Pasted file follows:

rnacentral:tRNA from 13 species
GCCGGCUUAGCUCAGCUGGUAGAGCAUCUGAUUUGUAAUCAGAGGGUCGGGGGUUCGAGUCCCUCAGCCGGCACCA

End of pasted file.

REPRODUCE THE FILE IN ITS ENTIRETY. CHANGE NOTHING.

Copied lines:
rnacentral:tRNA from 13 species
GCCGGCUUAGCUCAGCUGGUAGAGCAUCUGAUUUGUAAUCAGAGGGUCGGGGGUUCGAGUCCCUCAGCCGGCACCA